• You get the URL used /stockmanager/stock/items/999999 I treat this as a main key for processing and summarising data. If you want to summarise the data, you may want so summarise it just on /stockmanager/stock/. The full URI contains the part number – and so I would expect a large number of parts.
  • You can configure your requests to WLM. For example
<wlmClassification>
<httpClassification transactionClass="TCI1" method="GET" 
    resource="/zosConnect/services/stockQuery"/>
</wlmClassification>

This produced in the SMF record

WLMTRan :TCI1
WLM Classify type :URI :/zosConnect/services/stockQuery
WLM Classify type :Target Host :10.1.3.10
WLM Classify type :Target Port :19443

This means that the URL, the host, and the port were passed to WLM to classify.

If you get the WLM classification you also get CPU figures when the enclave request ended (was deleted).

  • You get the ports associated with the request.
    • Which port was used on the server – Target Port :9443
    • Where did the request come from? Origin :10.1.1.1 and port :36786
  • The number of bytes in the response Response bytes :791
  • CPU figures for the CPU used on the TCB. See discussion below on the usefulness of this number. You get the CPU figures before the request, and after the request – so you have to calculate the difference yourself! It does not look like the developers knew what the end user wanted. The values come from the timeused facility. You can calculate the delta and get
    • CPU Used Total : 0.967417
    • CPU Used on CP : 0.026327
    • and calculate these to to get CPU Delta. on Z**P : 0.941090 This is the CPU offloaded to ZIIP or ZAAP.
  • If you had the URI classified with WLM, you get Enclave data, see below for a discussion on what the numbers mean.
    • Enclave CPU time : 0.148803
    • Enclave CPU service : 0.000000
    • Enclave ZIIP time : 0.148803
    • Enclave ZIIP Service : 0.000000

What do the CPU numbers mean?

Typically a transaction flow is as follows

  1. A listening thread listens on the HTTP(s) host and port.
  2. When a request arrives, it passes the request to a worker thread, and goes back to listening
    1. The worker thread may do some work and send the response back
    2. The worker thread may need to call another thread to do some work. For example to issue an MQ request,
      1. the MQ code looks for a thread in a pool for a matching queue manager and userid. If it find one it uses it the thread and issues the MQ request.
      2. If it does not find a matching thing thread it may allocate a new thread, and issue an MQCONN to connect to MQ. These are both expensive operations, which is why having a pool of threads with queue manager and userid is a good way of saving CPU
      3. The work is done
      4. The thread is put back into the MQ pool, and the application returns to the worker thread
      5. The worker thread sends the response back to the originator

A thread can ask the operating system, how much CPU time it(the thread) has used. What usually happens is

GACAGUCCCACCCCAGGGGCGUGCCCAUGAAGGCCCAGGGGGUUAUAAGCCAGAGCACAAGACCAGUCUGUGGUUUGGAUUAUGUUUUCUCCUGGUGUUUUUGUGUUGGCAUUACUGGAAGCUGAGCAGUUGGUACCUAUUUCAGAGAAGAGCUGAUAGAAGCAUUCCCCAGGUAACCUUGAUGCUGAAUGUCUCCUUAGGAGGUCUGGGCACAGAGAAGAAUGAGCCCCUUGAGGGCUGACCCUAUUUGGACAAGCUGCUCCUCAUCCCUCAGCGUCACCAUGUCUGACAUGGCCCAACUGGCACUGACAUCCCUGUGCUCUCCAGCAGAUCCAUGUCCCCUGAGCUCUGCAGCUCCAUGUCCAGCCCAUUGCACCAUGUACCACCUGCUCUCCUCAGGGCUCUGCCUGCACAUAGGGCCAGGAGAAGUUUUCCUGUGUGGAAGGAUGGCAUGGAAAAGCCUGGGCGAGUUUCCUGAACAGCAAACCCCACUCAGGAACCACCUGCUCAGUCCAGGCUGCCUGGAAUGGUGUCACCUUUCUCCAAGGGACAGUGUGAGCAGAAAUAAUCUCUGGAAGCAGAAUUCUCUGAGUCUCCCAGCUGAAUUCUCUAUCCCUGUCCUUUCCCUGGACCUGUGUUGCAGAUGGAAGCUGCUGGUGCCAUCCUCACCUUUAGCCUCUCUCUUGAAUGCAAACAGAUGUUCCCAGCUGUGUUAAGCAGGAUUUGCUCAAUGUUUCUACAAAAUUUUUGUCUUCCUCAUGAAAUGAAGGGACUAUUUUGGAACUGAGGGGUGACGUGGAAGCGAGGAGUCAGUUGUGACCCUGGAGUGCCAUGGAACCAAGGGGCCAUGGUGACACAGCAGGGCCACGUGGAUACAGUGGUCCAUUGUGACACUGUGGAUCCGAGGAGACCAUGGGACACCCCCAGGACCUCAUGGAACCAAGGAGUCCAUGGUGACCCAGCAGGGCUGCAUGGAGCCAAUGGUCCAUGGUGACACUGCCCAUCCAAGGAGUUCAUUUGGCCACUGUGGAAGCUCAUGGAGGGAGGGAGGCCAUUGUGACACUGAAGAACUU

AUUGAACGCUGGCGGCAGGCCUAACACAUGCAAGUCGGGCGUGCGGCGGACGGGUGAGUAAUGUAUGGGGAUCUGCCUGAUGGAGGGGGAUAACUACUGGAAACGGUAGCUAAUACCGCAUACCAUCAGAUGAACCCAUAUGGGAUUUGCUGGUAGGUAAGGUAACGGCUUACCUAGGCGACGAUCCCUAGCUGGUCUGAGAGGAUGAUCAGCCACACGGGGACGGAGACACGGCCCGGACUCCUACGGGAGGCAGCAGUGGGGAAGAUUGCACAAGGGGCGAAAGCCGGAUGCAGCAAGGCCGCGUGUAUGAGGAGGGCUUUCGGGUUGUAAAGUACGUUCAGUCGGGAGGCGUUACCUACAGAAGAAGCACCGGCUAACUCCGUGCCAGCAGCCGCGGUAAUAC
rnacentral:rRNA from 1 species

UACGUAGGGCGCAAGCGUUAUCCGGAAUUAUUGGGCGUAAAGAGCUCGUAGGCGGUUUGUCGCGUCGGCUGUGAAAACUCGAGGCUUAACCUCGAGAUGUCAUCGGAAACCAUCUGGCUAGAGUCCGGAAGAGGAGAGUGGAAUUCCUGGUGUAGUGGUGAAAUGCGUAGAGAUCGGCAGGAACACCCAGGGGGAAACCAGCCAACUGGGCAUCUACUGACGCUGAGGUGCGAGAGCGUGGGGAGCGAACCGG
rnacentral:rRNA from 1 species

1. the thread requests how much CPU it has used
  2. the thread does some work
  3. the thread requests how much CPU it has used,
  4. the thread calculates the difference between the two CPU values and reports this delta.

I the SMF 120 record records the CPU from just the worker thread – and no other thread.

Enclaves

When there are more than one thread involved it gets more complex, as you could have a CICS transaction issuing an MQ request, then a DB2 request, and then an IMS request. You can set up z/OS WorkLoad Manager(WLM) to say “these CICS transactions in this CICS region are high priority”.

With some subsystems you can pass a WLM token into a request. The thread being invoked call tell WLM that the thread is now working on behalf of this token. The thread does some work, and tells WLM that it has finished doing the work. WLM can manage the priority of the threads to achieve the best throughput, for example making the thread high or low priority. WLM can manage a thread doing work in multiple LPARs across a sysplex!

WLM records the CPU used by the thread while performing the work, accumulates and reports this.

This use of multiple threads for a business transaction across one or more address spaces is known as an enclave.

What happens with enclaves?

  1. A request arrives at the listener thread.
  2. The Liberty looks up the URI in the <wlmClassification httpClassification…. It compare the server’s host, server’s port, the URI resource /stockmanager… method ( GET) and finds the best match for the transactionClass.
    1. If there is a transactionClass,
      1. the server calls WLM with the Subsystem type of CB, the specified collectionName, and the transactionClass.
      2. WLM looks for these parameters and if WLM has a matching definition then WLM will manage the priority of the work,
      3. WLM returns a WLM token.
      4. This WLM token is passed to threads which are set up for enclaves.
    2. If there is no transaction class specified in Liberty, or WLM does not have the subsystem, collectionname, transactionClass then there is no token or a null WLM token
    3. The work continue as before.